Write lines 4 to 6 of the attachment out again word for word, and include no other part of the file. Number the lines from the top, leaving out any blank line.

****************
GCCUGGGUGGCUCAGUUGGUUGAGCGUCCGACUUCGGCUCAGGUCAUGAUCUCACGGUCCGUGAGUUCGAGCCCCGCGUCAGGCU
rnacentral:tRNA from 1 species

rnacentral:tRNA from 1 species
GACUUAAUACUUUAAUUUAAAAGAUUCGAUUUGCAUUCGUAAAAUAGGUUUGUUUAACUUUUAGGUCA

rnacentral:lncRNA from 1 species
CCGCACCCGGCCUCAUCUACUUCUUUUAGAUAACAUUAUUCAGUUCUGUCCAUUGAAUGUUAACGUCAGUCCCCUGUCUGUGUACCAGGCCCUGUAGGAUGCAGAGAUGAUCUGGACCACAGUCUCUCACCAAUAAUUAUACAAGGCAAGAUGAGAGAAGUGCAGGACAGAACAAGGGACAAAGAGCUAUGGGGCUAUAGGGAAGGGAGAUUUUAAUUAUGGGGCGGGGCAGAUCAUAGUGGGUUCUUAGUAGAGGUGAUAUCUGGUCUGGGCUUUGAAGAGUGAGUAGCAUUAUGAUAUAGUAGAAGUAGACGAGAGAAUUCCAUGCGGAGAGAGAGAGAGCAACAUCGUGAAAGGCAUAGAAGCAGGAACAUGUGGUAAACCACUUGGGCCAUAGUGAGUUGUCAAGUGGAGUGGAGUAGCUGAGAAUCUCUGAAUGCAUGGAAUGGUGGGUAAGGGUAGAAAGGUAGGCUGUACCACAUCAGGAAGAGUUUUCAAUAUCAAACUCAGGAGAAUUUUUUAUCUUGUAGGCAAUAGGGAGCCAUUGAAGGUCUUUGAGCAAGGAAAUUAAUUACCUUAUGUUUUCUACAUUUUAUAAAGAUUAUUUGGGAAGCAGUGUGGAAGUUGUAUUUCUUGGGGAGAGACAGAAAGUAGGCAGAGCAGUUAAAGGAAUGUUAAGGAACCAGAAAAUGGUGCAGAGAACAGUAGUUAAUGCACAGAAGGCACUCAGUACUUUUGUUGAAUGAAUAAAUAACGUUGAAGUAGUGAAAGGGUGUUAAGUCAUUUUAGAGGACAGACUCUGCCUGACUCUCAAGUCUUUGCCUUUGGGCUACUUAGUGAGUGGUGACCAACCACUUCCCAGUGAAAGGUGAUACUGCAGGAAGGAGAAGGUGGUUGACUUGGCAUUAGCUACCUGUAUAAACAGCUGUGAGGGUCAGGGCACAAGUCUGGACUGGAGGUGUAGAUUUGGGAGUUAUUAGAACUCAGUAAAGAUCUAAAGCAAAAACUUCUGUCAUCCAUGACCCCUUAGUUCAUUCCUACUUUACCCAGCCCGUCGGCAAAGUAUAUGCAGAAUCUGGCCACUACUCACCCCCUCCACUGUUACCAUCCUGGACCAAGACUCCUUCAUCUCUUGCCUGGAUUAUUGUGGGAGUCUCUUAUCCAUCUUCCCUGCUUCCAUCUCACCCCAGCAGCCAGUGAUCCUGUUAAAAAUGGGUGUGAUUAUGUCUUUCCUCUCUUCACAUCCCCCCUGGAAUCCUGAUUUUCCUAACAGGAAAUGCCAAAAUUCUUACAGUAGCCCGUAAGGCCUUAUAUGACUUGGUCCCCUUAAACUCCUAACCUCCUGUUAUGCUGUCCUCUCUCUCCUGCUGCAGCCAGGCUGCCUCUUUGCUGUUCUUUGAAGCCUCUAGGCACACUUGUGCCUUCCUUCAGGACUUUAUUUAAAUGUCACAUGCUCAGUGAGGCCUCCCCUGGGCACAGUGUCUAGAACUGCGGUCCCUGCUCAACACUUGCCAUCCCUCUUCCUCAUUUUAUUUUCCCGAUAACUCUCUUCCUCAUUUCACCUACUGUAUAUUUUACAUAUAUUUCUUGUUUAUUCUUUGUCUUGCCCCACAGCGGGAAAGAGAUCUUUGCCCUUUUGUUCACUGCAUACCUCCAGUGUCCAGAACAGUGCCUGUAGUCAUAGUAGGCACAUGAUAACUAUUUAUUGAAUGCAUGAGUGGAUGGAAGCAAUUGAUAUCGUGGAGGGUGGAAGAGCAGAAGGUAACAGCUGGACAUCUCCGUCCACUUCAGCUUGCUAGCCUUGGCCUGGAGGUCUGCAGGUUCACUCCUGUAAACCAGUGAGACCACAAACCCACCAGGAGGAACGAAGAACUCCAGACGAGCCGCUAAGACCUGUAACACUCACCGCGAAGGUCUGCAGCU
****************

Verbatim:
GACUUAAUACUUUAAUUUAAAAGAUUCGAUUUGCAUUCGUAAAAUAGGUUUGUUUAACUUUUAGGUCA

rnacentral:lncRNA from 1 species
CCGCACCCGGCCUCAUCUACUUCUUUUAGAUAACAUUAUUCAGUUCUGUCCAUUGAAUGUUAACGUCAGUCCCCUGUCUGUGUACCAGGCCCUGUAGGAUGCAGAGAUGAUCUGGACCACAGUCUCUCACCAAUAAUUAUACAAGGCAAGAUGAGAGAAGUGCAGGACAGAACAAGGGACAAAGAGCUAUGGGGCUAUAGGGAAGGGAGAUUUUAAUUAUGGGGCGGGGCAGAUCAUAGUGGGUUCUUAGUAGAGGUGAUAUCUGGUCUGGGCUUUGAAGAGUGAGUAGCAUUAUGAUAUAGUAGAAGUAGACGAGAGAAUUCCAUGCGGAGAGAGAGAGAGCAACAUCGUGAAAGGCAUAGAAGCAGGAACAUGUGGUAAACCACUUGGGCCAUAGUGAGUUGUCAAGUGGAGUGGAGUAGCUGAGAAUCUCUGAAUGCAUGGAAUGGUGGGUAAGGGUAGAAAGGUAGGCUGUACCACAUCAGGAAGAGUUUUCAAUAUCAAACUCAGGAGAAUUUUUUAUCUUGUAGGCAAUAGGGAGCCAUUGAAGGUCUUUGAGCAAGGAAAUUAAUUACCUUAUGUUUUCUACAUUUUAUAAAGAUUAUUUGGGAAGCAGUGUGGAAGUUGUAUUUCUUGGGGAGAGACAGAAAGUAGGCAGAGCAGUUAAAGGAAUGUUAAGGAACCAGAAAAUGGUGCAGAGAACAGUAGUUAAUGCACAGAAGGCACUCAGUACUUUUGUUGAAUGAAUAAAUAACGUUGAAGUAGUGAAAGGGUGUUAAGUCAUUUUAGAGGACAGACUCUGCCUGACUCUCAAGUCUUUGCCUUUGGGCUACUUAGUGAGUGGUGACCAACCACUUCCCAGUGAAAGGUGAUACUGCAGGAAGGAGAAGGUGGUUGACUUGGCAUUAGCUACCUGUAUAAACAGCUGUGAGGGUCAGGGCACAAGUCUGGACUGGAGGUGUAGAUUUGGGAGUUAUUAGAACUCAGUAAAGAUCUAAAGCAAAAACUUCUGUCAUCCAUGACCCCUUAGUUCAUUCCUACUUUACCCAGCCCGUCGGCAAAGUAUAUGCAGAAUCUGGCCACUACUCACCCCCUCCACUGUUACCAUCCUGGACCAAGACUCCUUCAUCUCUUGCCUGGAUUAUUGUGGGAGUCUCUUAUCCAUCUUCCCUGCUUCCAUCUCACCCCAGCAGCCAGUGAUCCUGUUAAAAAUGGGUGUGAUUAUGUCUUUCCUCUCUUCACAUCCCCCCUGGAAUCCUGAUUUUCCUAACAGGAAAUGCCAAAAUUCUUACAGUAGCCCGUAAGGCCUUAUAUGACUUGGUCCCCUUAAACUCCUAACCUCCUGUUAUGCUGUCCUCUCUCUCCUGCUGCAGCCAGGCUGCCUCUUUGCUGUUCUUUGAAGCCUCUAGGCACACUUGUGCCUUCCUUCAGGACUUUAUUUAAAUGUCACAUGCUCAGUGAGGCCUCCCCUGGGCACAGUGUCUAGAACUGCGGUCCCUGCUCAACACUUGCCAUCCCUCUUCCUCAUUUUAUUUUCCCGAUAACUCUCUUCCUCAUUUCACCUACUGUAUAUUUUACAUAUAUUUCUUGUUUAUUCUUUGUCUUGCCCCACAGCGGGAAAGAGAUCUUUGCCCUUUUGUUCACUGCAUACCUCCAGUGUCCAGAACAGUGCCUGUAGUCAUAGUAGGCACAUGAUAACUAUUUAUUGAAUGCAUGAGUGGAUGGAAGCAAUUGAUAUCGUGGAGGGUGGAAGAGCAGAAGGUAACAGCUGGACAUCUCCGUCCACUUCAGCUUGCUAGCCUUGGCCUGGAGGUCUGCAGGUUCACUCCUGUAAACCAGUGAGACCACAAACCCACCAGGAGGAACGAAGAACUCCAGACGAGCCGCUAAGACCUGUAACACUCACCGCGAAGGUCUGCAGCU